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Cooper v. Vaught

United States District Court, S.D. Indiana, Indianapolis Division

November 12, 2019

CRAIG COOPER, et al. Plaintiffs,
v.
CINDY A VAUGHT, et al. Defendants.

          ENTRY

          JAMES R. SWEENEY II JUDGE

         Plaintiffs move the Court to reconsider its determination that this case is moot. (ECF No. 87.) The Court has considered the parties' additional submissions. (ECF Nos. 87, 88, 90.) However, the Court finds the “newly discovered evidence” only confirms the Court's earlier determination that Plaintiffs have “not established a substantial likelihood that the offending policy will be reinstated.” (See ECF No. 83 at 5-6.) Plaintiffs' legal arguments fare no better. Plaintiffs have not “clearly estab-lish[ed] that the court committed a manifest error of law or fact, or (2) that newly discovered evidence precluded entry of judgment.” Cincinnati Life Ins. Co. v. Beyrer, 722 F.3d 939, 955 (7th Cir. 2013). Accordingly, Plaintiffs' motion to reconsider (ECF No. 87) is denied.

         Plaintiffs move in the alternative to amend the judgment to state that the dismissal is “‘without prejudice,' and with the parties bearing their own costs.” (ECF No. 87.) Plaintiffs contend that such amendment is necessary to avoid confusion over whether the case was dismissed with or without prejudice and to “avoid any potential implication that costs are assessed against one side or the other under Rule 54(d)(1).” (ECF No. 87 at 8.) Plaintiffs also filed an objection to Defendants' bill of costs.

         Any confusion over whether dismissal was with or without prejudice is unreasonable. The order dismissing the case explicitly states-in boldface type-that the dismissal is “without prejudice for lack of jurisdiction.” (ECF No. 83.) The judgment likewise states that the action was dismissed for lack of jurisdiction. (ECF No. 84.) Although the judgment does not add “without prejudice, ” dismissal for lack of jurisdiction is necessarily dismissal without prejudice. A court cannot enter judgment “on the merits” or “with prejudice” where it lacks jurisdiction to do so. See Citadel Sec., LLC v, Chicago Bd. Options Exch., Inc., 808 F.3d 694, 701 (7th Cir. 2015) (“A dismissal for lack of subject matter jurisdiction is not a decision on the merits, and thus cannot be a dismissal with prejudice.”).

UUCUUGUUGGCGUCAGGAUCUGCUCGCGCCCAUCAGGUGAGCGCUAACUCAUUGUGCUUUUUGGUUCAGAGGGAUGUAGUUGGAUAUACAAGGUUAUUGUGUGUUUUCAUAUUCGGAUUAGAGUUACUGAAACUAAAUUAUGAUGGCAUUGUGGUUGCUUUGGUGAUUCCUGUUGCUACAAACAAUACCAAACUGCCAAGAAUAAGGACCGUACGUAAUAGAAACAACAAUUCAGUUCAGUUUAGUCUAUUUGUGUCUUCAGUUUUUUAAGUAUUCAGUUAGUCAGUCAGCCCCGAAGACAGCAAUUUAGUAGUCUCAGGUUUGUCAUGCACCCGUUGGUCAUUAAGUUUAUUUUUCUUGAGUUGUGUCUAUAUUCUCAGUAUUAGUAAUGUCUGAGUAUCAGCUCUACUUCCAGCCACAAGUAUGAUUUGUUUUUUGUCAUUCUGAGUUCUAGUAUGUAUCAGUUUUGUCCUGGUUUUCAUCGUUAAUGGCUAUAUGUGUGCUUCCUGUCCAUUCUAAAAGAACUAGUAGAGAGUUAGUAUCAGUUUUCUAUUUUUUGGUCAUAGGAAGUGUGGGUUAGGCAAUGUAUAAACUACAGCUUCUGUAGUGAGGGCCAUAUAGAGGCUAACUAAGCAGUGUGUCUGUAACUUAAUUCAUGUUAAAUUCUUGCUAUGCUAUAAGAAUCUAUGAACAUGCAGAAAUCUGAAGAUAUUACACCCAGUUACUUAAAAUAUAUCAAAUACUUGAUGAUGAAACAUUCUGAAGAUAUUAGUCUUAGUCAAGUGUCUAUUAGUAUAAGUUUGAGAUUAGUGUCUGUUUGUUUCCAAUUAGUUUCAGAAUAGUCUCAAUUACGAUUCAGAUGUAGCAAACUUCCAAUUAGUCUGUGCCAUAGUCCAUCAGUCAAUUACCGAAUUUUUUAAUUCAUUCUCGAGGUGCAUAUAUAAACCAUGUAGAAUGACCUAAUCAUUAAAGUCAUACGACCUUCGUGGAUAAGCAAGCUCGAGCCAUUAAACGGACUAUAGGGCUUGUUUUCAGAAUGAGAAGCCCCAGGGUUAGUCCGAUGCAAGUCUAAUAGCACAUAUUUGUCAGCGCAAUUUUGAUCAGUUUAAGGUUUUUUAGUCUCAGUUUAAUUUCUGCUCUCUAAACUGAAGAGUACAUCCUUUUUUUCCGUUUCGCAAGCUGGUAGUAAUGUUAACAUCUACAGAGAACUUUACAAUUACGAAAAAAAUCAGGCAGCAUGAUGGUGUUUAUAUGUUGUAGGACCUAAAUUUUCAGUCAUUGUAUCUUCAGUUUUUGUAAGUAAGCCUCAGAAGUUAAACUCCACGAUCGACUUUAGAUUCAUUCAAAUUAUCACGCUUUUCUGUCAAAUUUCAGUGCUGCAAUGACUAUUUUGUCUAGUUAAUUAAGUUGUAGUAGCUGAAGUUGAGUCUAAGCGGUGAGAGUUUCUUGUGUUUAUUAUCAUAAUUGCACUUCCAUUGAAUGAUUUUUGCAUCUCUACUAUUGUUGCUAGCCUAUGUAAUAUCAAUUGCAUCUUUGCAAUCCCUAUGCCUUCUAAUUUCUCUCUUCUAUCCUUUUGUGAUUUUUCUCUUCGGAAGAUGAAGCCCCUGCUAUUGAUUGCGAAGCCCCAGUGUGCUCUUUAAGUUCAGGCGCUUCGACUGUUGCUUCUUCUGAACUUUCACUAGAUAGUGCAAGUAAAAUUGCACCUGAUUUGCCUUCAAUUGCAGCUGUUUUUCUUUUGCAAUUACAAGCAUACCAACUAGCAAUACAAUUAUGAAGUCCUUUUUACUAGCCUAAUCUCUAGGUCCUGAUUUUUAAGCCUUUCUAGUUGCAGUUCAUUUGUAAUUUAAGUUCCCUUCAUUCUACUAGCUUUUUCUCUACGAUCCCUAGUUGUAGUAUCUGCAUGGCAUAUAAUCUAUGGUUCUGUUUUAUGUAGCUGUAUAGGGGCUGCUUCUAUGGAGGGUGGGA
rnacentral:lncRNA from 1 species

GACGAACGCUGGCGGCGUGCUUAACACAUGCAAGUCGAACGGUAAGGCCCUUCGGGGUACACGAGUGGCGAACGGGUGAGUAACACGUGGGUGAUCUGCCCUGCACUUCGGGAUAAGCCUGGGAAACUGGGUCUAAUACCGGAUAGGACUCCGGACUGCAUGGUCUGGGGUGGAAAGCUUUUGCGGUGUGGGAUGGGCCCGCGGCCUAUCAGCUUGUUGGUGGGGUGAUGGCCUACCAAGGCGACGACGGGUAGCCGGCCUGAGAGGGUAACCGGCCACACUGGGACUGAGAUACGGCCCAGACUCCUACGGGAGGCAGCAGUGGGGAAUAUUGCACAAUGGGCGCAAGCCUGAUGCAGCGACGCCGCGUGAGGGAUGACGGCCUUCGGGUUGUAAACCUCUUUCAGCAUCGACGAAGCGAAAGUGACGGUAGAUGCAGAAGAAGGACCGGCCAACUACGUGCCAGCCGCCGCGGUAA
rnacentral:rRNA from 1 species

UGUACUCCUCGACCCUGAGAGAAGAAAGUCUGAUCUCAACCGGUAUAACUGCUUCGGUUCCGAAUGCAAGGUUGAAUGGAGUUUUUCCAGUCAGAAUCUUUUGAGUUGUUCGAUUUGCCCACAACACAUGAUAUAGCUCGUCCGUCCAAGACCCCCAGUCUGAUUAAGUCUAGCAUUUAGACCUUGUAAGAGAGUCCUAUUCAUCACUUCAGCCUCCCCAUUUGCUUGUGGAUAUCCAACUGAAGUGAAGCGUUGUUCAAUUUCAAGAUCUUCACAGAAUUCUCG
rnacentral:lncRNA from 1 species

It therefore appears that the real issue is not confusion over whether dismissal was without prejudice, but a dispute over which party, if any, “prevailed” for purposes of the assessment of costs under Rule 54(d)(1). But Rule 54(d)(1) does not govern costs here. Rule 54(d)(1) provides, “Unless a federal statute, these rules, or a court order provides otherwise, costs-other than attorney's fees-should be allowed to the prevailing party.” Fed.R.Civ.P. 54(d)(1). And here, “a federal statute . . . provides otherwise.” Specifically, “Whenever any action or suit is dismissed in any district court . . . for want of jurisdiction, such court may order the payment of just costs.” 28 U.S.C. § 1919. Section 1919 is “an exception to the presumption in favor of awarding costs to the prevailing party codified in Rule 54(d)(1).” Whitford v. Gill, __ F.Supp.3d __, 2019 WL 3974740, at *2 (W.D. Wis. Aug. 22, 2019) (collecting cases).

         “While the Seventh Circuit has not addressed what constitute ‘just costs' under § 1919, the Ninth Circuit has instructed that, in awarding ‘just costs' under [§] 1919, a district court should consider what is most fair and equitable under the totality of the circumstances.” Id. at *3 (internal quotation marks omitted). Plaintiffs sued to strike down a rule that they, apparently in good faith, believed impeded their constitutional right to truthfully advertise their credentials to potential patients. The Fifth Circuit held a similar Texas rule to be unconstitutional two months after Plaintiffs filed suit. See Am. Academy of Implant Dentistry v. Parker, 860 F.3d 300 (5th Cir. 2017). The case was dismissed, not because the rule was constitutional (the Court did not reach that question), but rather because the rule's imminent expiration, the Board's votes not to readopt the rule, and the Indiana Attorney General's Office's stay of enforcement rendered the case moot. Considering the totality of the circumstances, the Court finds that requiring Plaintiffs to pay Defendants' costs would not be “most fair and equitable.” Rather, it is “most fair and equitable” to leave each side to bear its own costs. See Whitford, 2019 WL 3974740, at *3 (declining to assess costs where the plaintiffs' claims were ultimately dismissed for lack of jurisdiction as nonjustici-able).

         Accordingly, Plaintiff's motion to amend the judgment (ECF No. 87) is denied and Defendants' bill of costs (ECF No. 85) is denied.

         SO ...


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